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Source link: http://archive.mises.org/6667/economics-for-kids/

Economics for Kids

May 22, 2007 by


Summer is a great time for kids
to pursue a different kind of learning. Economics, for example. For
the most part, they don’t teach this stuff in school, and when they
do, it’s usually about the glories of government management.


Economics is not to be neglected in education! The student
either will either receive guidance or fall victim to fallacy.


Now, it’s not the case that the sooner you read Human
Action
the better. Certainly levels of abstract reasoning
require a certain age and maturity, and for books such as this, or
Rothbard’s Man,
Economy, and State
, college age is the right
time.
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But there is a way
to teach economics in order to prepare kids for intellectual battle.
They do need this education, for kids these days encounter
soft-socialist reasoning in many aspects of life. They encounter
massive environmentalist propaganda from an early age. Teachers and
the media will tell them that their parents are evil for taking long
showers, or shopping at Wal-Mart, or for failing to drive an
electric car.


A great place to
start is with an understanding of price movements. Kids (to say
nothing of adults!) often notice gas prices rises and falling, for
example. Why does this happen? Is it the greed of the gas-station
owners at work?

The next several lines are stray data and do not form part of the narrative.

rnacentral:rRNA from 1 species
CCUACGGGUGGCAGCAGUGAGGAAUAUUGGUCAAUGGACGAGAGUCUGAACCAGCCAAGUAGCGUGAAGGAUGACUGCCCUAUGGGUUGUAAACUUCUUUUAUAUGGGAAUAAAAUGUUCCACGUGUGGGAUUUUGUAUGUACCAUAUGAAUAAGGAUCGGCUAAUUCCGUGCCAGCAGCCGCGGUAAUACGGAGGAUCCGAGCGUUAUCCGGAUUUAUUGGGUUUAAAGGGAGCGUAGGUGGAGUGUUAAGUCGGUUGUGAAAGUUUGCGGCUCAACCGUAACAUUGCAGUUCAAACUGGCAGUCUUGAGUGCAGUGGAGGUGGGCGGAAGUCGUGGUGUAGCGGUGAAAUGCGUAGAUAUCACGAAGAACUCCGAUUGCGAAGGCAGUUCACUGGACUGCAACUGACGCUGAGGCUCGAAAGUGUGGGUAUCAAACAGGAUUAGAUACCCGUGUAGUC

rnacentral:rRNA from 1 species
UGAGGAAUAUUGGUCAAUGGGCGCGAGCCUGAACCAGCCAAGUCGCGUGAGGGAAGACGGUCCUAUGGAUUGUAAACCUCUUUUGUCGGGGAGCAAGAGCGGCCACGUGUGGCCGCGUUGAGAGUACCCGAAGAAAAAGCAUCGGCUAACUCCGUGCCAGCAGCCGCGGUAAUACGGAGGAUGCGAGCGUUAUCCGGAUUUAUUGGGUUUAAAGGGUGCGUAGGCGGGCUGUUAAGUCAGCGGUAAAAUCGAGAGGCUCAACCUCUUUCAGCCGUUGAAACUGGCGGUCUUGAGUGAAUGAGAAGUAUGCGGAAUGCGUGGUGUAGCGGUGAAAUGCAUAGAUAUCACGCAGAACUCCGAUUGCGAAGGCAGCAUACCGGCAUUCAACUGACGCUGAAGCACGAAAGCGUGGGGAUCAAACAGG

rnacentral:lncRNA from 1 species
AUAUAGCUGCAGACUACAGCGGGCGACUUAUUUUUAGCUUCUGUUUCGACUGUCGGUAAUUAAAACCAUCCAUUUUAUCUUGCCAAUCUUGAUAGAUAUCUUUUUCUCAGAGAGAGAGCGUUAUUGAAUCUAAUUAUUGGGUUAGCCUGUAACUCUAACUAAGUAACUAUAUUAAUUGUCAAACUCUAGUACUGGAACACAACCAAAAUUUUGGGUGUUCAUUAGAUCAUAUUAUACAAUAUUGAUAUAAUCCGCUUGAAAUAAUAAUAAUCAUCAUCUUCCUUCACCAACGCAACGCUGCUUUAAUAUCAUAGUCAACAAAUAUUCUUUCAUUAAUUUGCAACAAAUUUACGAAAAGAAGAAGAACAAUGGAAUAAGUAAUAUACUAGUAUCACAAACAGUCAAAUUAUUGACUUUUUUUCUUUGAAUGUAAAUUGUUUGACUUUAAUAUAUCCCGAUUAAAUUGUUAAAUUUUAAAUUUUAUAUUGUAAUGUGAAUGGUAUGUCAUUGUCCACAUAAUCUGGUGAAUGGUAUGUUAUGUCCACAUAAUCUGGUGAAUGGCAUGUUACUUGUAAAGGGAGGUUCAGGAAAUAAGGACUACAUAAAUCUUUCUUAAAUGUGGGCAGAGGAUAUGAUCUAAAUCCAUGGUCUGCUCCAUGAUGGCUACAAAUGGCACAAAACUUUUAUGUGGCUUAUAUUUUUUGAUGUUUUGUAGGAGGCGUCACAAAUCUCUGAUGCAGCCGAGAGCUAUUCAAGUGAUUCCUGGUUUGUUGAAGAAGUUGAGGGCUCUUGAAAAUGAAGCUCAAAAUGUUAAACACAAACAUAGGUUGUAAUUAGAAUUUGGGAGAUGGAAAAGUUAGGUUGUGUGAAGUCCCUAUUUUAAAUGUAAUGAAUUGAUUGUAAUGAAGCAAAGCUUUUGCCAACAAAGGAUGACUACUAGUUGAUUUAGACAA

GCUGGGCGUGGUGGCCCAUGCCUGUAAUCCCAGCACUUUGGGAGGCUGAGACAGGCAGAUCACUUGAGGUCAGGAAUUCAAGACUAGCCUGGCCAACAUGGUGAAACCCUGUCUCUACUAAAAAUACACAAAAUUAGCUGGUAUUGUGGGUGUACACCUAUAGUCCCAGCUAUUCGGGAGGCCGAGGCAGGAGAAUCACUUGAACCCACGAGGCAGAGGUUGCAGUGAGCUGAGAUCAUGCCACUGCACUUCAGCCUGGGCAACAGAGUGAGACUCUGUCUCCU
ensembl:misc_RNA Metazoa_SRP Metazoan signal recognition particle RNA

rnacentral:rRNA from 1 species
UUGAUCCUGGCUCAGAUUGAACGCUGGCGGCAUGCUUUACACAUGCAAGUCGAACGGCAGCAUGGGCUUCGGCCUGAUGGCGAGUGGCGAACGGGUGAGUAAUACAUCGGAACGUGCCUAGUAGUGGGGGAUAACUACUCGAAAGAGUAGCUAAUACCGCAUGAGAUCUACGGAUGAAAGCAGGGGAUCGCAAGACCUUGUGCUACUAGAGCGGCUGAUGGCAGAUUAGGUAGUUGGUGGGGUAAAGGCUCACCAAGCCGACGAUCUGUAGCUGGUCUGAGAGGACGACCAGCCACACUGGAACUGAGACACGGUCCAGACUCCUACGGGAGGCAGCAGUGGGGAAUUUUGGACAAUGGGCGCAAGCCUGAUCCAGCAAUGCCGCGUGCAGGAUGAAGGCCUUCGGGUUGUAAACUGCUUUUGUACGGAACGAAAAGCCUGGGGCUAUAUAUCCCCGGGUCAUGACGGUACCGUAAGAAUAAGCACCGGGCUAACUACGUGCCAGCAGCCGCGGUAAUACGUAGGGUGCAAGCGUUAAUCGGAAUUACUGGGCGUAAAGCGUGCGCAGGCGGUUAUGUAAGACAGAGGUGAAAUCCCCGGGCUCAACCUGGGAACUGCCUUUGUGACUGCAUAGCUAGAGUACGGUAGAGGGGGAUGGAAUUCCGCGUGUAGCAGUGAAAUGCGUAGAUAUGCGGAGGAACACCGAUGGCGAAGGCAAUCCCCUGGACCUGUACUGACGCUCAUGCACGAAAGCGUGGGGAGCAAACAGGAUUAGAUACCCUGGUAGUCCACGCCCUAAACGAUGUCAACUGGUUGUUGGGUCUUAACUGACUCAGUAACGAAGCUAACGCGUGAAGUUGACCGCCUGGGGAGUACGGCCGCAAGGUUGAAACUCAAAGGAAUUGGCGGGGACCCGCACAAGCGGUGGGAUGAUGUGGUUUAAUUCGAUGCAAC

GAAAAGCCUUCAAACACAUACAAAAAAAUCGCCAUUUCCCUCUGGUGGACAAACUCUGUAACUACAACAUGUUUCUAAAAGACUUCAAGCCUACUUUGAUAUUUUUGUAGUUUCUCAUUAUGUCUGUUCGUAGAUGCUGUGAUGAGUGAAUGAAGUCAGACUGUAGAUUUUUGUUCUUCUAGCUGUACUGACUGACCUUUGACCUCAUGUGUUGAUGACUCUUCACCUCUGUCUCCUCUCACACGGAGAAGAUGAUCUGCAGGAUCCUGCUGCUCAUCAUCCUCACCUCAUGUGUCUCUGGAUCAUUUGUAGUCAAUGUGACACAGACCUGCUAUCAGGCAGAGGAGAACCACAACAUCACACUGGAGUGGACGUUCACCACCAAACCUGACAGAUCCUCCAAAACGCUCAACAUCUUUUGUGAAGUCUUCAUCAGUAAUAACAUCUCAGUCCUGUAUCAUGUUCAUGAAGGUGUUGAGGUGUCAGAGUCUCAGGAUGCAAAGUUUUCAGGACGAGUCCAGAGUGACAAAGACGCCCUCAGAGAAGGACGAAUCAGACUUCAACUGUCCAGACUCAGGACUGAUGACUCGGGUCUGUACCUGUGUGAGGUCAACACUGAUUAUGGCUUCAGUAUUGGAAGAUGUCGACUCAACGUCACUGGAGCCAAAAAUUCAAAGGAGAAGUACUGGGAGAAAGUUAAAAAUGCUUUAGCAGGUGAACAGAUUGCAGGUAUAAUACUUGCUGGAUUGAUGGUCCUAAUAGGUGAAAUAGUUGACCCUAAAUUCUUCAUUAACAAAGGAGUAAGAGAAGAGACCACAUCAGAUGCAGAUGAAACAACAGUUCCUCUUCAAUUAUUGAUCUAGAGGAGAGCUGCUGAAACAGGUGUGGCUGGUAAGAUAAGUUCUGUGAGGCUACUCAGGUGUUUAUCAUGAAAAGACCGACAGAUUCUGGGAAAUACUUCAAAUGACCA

For starters, we recommend
Whatever
Happened to Penny Candy $32
, an easy but informative read by Richard
Maybury. It comes with a helpful study guide. It explains supply,
demand, and goes into some detail (always entertaining) about
monetary inflation. This is the start of a good economics education
that links up the cause and the effects of certain ubiquitous
phenomena. It helps the child think through several stages of
reasoning, and puts them way ahead of others in this respect.
Everyone knows that kids love coins: this helps them understand how
coins are depreciated by government and where paper money comes
from.



For slightly older kids, the
novel form serves as an excellent path to economic enlightenment. We
can heartily recommend Henry Hazlitt’s brilliant novel, href="http://mises.org/store/Time-Will-Run-Back-P355C0.aspx">Time
Will Run Back $25 . The plot begins in a fully socialist society in
which the new leader, who finds himself in that position only by
accident, begins to rethink the economic basis of the system. He
begins to wonder whether the economy is doing well at all, and how
they might discover this. This sets the leadership on a path to
thinking about prices and calculation, and the very meaning of
productivity. Trading is introduced when the leadership can’t see
anything wrong with the idea of trading rationing tickets, and
shortly markets appear, and everyone seems to be better off as a
result. The whole socialist system unravels piece by piece, to the
benefit of the whole society.


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This novel is an excellent
introduction to the problems of economic systems, and can be a great
benefit to young people who are curious about the meaning of
economic analysis. It is, in fact, suitable for all ages. And a good
follow up to this book is a non-fiction work by Hazlitt, href="http://mises.org/store/Conquest-of-Poverty-The-P353C0.aspx">The
Conquest of Poverty $20 , which deals directly with the whole
question of how societies come to be poor or rich. The details about
life before the age of capitalism are riveting, and show what a
mistake it is to take wealth for granted (as people are wont to do).